2.50
Hdl Handle:
http://hdl.handle.net/10755/203176
Type:
Presentation
Title:
Sustaining Zero: CLABSI Prevention With Innovation, Accountability and EBP
Abstract:
(Summer Institute) Evidence: Literature review suggests routine use of bundle components, checklist use and changes in nursing culture can eliminate or reduce HAIs. Strategy: Unit based "champions" reviewed EBP journal articles, Best Practices and CDC guidelines. Current practices were assessed via monthly line and infection case audits. Attitudes surrounding patient safety and CLABSI prevention were evaluated. Practice Change: CLABSI cases were referred to by the patient’s name bringing a face to CLABSIs thus making infection rates less abstract. Staff were educated on the cost, extension of stay and change in mortality rates based on current evidence. Discussions during daily huddles and staff meetings emphasized CLABSIs as preventable, hospital acquired infections. Education was constantly reinforced. Staff were empowered to hold all medical staff, including physicians, accountable for following bundles. "Safety Rounds" with executive leadership were implemented. Line carts and checklists were updated. New supplies were introduced including alcohol swabs impregnated with Chlorhexidine Gluconate (CHG), and dressings utilizing a CHG impregnated sponge. Lighthearted interventions include bundle education parties, introduction of a 15 second song to sing while “scrubbing the hub”, and humorous posters. Staff was praised for successes. Evaluation: CLABSI surveillance. Results: There have been no CLABSIs in the CCU for over 400 days following the implementation of the aforementioned interventions. Staff report pride in this accomplishment and are using this momentum to tackle other HAIs. Recommendations: Adherence to bundle components and best practice guidelines. Examination of current safety culture. Lessons Learned: Nursing driven change and ownership of processes are vital to changing culture. Frontline nursing staff can and should lead efforts to problem solve these multifaceted, often multidisciplinary issues. Sustaining a rate of zero CLABSIs is attainable through the application of innovation, accountability and evidence-based practice. Bibliography: Hatler C, Hebden, J, Kaler, W and Zack J. (2010) Walk the walk to reduce catheter-related bloodstream infections, American Nurse Today, 5(1), 26-32. Kaler, W., Chinn, R. (2007) Successful disinfection of needleless ports: A matter of time and friction. Journal of the Association for Vascular Access,12(1), 140-147. Pronovost, P., Goeschel, & Watson, S. (2010). Sustaining reductions in catheter related bloodstream infections in Michigan intensive care units: observational study. British Medical Journal. 34. Tismit, J., Scwebel, C., Bouadema, L., Geffroy, A., Garrouste-Oregeas, M., Pease, S., …Lucet, J. (2009) Chlorhexidine-impregnated sponges and less frequent dressing changes for prevention of catheter-related infections in critically ill adults. The Journal of the American Medical Association, 301(12), 1231-1241. Zack, J. (2009). Designing a Getting-to-Zero Program That Works for You: A Focus on Process Improvement Infection Control Today, 42-46. [© Academic Center for Evidence-Based Practice, 2011. http://www.acestar.uthscsa.edu]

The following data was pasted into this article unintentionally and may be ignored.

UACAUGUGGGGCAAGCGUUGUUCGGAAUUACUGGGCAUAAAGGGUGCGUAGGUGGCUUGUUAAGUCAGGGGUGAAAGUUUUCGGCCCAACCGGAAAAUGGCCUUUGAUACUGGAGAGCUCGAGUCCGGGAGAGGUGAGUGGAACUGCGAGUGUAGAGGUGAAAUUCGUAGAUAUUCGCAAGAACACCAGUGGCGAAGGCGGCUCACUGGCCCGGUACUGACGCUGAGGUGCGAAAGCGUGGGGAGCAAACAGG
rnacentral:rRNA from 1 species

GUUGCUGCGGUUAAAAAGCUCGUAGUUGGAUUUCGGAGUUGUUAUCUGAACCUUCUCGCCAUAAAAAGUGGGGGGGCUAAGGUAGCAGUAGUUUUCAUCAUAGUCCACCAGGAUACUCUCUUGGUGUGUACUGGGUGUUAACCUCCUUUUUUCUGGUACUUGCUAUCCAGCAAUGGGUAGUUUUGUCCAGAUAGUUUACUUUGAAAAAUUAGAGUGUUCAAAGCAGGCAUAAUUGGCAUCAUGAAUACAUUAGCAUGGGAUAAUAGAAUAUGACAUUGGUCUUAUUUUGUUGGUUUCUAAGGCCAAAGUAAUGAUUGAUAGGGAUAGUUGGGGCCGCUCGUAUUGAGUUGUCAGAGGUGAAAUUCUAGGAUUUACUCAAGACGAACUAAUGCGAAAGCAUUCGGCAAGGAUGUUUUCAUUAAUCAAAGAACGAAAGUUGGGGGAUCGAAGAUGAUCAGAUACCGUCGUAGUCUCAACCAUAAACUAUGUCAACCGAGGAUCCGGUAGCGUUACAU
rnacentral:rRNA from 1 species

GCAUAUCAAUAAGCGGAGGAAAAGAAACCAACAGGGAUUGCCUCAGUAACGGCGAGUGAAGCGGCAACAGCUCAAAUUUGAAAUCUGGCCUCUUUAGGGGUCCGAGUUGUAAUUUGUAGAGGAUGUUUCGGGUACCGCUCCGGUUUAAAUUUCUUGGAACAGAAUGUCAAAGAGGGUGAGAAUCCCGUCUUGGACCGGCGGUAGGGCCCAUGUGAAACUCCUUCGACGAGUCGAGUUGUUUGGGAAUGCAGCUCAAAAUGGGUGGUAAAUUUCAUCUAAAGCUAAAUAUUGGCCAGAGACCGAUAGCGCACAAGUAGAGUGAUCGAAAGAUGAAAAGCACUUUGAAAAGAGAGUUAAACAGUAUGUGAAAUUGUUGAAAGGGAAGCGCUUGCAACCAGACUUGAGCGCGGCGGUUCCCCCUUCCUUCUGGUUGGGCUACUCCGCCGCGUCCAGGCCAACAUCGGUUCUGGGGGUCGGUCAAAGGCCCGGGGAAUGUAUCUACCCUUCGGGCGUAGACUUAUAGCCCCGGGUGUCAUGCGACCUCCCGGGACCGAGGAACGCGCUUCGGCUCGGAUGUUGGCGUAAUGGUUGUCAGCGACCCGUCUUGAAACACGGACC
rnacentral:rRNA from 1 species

Keywords:
CLABSI; Prevention
Repository Posting Date:
16-Jan-2012
Date of Publication:
3-Jan-2012
Sponsors:
UTHSCSA Summer Institute

Full metadata record

DC FieldValue Language
dc.typePresentationen_GB